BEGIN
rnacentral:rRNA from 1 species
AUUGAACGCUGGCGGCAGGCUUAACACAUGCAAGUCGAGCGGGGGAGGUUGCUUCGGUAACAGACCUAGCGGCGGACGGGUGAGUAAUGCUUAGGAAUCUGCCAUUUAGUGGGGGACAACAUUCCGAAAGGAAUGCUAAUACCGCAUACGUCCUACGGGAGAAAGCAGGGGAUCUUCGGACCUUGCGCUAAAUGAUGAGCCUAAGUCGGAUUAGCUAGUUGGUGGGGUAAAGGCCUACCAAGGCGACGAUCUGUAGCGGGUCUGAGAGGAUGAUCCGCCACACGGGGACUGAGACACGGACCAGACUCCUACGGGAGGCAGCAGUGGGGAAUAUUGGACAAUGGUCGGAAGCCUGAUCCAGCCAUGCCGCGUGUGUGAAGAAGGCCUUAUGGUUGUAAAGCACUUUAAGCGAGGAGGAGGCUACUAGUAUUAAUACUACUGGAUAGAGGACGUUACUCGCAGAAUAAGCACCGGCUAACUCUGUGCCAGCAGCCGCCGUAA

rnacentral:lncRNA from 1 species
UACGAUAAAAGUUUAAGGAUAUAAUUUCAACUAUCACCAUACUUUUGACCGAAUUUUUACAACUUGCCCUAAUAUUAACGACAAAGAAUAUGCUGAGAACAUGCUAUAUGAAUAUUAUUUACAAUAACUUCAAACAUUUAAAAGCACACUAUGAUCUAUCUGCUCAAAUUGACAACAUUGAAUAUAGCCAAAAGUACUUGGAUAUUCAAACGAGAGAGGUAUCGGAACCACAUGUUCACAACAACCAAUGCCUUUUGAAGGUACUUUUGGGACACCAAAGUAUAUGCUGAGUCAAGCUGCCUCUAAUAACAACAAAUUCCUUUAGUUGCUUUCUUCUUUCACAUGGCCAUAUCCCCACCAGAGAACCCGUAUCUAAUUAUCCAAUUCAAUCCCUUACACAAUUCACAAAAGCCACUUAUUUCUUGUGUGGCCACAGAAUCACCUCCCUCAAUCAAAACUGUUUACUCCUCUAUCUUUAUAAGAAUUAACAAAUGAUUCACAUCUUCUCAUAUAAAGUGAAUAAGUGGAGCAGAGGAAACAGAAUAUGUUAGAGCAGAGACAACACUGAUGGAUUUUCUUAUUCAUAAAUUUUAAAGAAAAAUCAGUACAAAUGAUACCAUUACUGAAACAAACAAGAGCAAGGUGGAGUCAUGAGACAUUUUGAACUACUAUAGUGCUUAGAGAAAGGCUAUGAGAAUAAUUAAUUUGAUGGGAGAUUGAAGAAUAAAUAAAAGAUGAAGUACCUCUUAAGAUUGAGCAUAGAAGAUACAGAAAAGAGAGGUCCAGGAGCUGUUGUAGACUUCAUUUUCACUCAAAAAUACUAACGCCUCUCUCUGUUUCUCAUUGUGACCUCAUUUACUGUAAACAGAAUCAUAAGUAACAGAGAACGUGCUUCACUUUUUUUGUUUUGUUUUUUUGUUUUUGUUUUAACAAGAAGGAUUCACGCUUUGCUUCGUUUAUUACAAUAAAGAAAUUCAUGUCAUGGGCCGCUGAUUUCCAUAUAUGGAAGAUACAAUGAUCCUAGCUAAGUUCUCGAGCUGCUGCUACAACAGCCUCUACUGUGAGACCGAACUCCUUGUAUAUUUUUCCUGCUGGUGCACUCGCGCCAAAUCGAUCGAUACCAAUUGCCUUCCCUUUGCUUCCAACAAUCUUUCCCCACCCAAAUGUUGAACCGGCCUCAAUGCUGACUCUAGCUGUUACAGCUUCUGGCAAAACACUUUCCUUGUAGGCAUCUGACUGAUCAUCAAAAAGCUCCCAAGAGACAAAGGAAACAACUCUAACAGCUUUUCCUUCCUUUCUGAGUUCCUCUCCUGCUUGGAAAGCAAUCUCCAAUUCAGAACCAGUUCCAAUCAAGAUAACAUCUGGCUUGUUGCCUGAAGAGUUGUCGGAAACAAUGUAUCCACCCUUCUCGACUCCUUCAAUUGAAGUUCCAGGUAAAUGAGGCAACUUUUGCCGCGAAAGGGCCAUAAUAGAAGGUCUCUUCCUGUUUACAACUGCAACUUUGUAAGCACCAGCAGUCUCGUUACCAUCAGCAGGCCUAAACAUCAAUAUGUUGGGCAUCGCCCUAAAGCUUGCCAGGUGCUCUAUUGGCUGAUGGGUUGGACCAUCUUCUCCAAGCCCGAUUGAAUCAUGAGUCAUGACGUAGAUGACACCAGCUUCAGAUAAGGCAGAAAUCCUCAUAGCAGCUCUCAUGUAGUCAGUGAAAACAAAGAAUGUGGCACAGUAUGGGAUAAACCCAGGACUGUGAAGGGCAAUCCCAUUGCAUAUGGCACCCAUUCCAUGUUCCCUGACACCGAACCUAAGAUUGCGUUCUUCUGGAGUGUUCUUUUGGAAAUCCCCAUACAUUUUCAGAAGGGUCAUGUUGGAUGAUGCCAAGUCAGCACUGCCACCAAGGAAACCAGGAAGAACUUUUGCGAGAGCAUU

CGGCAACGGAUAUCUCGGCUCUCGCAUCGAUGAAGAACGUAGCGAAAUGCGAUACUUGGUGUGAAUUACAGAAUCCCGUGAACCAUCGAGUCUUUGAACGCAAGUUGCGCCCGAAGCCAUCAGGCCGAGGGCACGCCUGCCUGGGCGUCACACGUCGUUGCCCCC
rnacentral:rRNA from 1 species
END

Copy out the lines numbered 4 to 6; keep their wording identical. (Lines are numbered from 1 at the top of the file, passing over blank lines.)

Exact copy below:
UACGAUAAAAGUUUAAGGAUAUAAUUUCAACUAUCACCAUACUUUUGACCGAAUUUUUACAACUUGCCCUAAUAUUAACGACAAAGAAUAUGCUGAGAACAUGCUAUAUGAAUAUUAUUUACAAUAACUUCAAACAUUUAAAAGCACACUAUGAUCUAUCUGCUCAAAUUGACAACAUUGAAUAUAGCCAAAAGUACUUGGAUAUUCAAACGAGAGAGGUAUCGGAACCACAUGUUCACAACAACCAAUGCCUUUUGAAGGUACUUUUGGGACACCAAAGUAUAUGCUGAGUCAAGCUGCCUCUAAUAACAACAAAUUCCUUUAGUUGCUUUCUUCUUUCACAUGGCCAUAUCCCCACCAGAGAACCCGUAUCUAAUUAUCCAAUUCAAUCCCUUACACAAUUCACAAAAGCCACUUAUUUCUUGUGUGGCCACAGAAUCACCUCCCUCAAUCAAAACUGUUUACUCCUCUAUCUUUAUAAGAAUUAACAAAUGAUUCACAUCUUCUCAUAUAAAGUGAAUAAGUGGAGCAGAGGAAACAGAAUAUGUUAGAGCAGAGACAACACUGAUGGAUUUUCUUAUUCAUAAAUUUUAAAGAAAAAUCAGUACAAAUGAUACCAUUACUGAAACAAACAAGAGCAAGGUGGAGUCAUGAGACAUUUUGAACUACUAUAGUGCUUAGAGAAAGGCUAUGAGAAUAAUUAAUUUGAUGGGAGAUUGAAGAAUAAAUAAAAGAUGAAGUACCUCUUAAGAUUGAGCAUAGAAGAUACAGAAAAGAGAGGUCCAGGAGCUGUUGUAGACUUCAUUUUCACUCAAAAAUACUAACGCCUCUCUCUGUUUCUCAUUGUGACCUCAUUUACUGUAAACAGAAUCAUAAGUAACAGAGAACGUGCUUCACUUUUUUUGUUUUGUUUUUUUGUUUUUGUUUUAACAAGAAGGAUUCACGCUUUGCUUCGUUUAUUACAAUAAAGAAAUUCAUGUCAUGGGCCGCUGAUUUCCAUAUAUGGAAGAUACAAUGAUCCUAGCUAAGUUCUCGAGCUGCUGCUACAACAGCCUCUACUGUGAGACCGAACUCCUUGUAUAUUUUUCCUGCUGGUGCACUCGCGCCAAAUCGAUCGAUACCAAUUGCCUUCCCUUUGCUUCCAACAAUCUUUCCCCACCCAAAUGUUGAACCGGCCUCAAUGCUGACUCUAGCUGUUACAGCUUCUGGCAAAACACUUUCCUUGUAGGCAUCUGACUGAUCAUCAAAAAGCUCCCAAGAGACAAAGGAAACAACUCUAACAGCUUUUCCUUCCUUUCUGAGUUCCUCUCCUGCUUGGAAAGCAAUCUCCAAUUCAGAACCAGUUCCAAUCAAGAUAACAUCUGGCUUGUUGCCUGAAGAGUUGUCGGAAACAAUGUAUCCACCCUUCUCGACUCCUUCAAUUGAAGUUCCAGGUAAAUGAGGCAACUUUUGCCGCGAAAGGGCCAUAAUAGAAGGUCUCUUCCUGUUUACAACUGCAACUUUGUAAGCACCAGCAGUCUCGUUACCAUCAGCAGGCCUAAACAUCAAUAUGUUGGGCAUCGCCCUAAAGCUUGCCAGGUGCUCUAUUGGCUGAUGGGUUGGACCAUCUUCUCCAAGCCCGAUUGAAUCAUGAGUCAUGACGUAGAUGACACCAGCUUCAGAUAAGGCAGAAAUCCUCAUAGCAGCUCUCAUGUAGUCAGUGAAAACAAAGAAUGUGGCACAGUAUGGGAUAAACCCAGGACUGUGAAGGGCAAUCCCAUUGCAUAUGGCACCCAUUCCAUGUUCCCUGACACCGAACCUAAGAUUGCGUUCUUCUGGAGUGUUCUUUUGGAAAUCCCCAUACAUUUUCAGAAGGGUCAUGUUGGAUGAUGCCAAGUCAGCACUGCCACCAAGGAAACCAGGAAGAACUUUUGCGAGAGCAUU

CGGCAACGGAUAUCUCGGCUCUCGCAUCGAUGAAGAACGUAGCGAAAUGCGAUACUUGGUGUGAAUUACAGAAUCCCGUGAACCAUCGAGUCUUUGAACGCAAGUUGCGCCCGAAGCCAUCAGGCCGAGGGCACGCCUGCCUGGGCGUCACACGUCGUUGCCCCC
rnacentral:rRNA from 1 species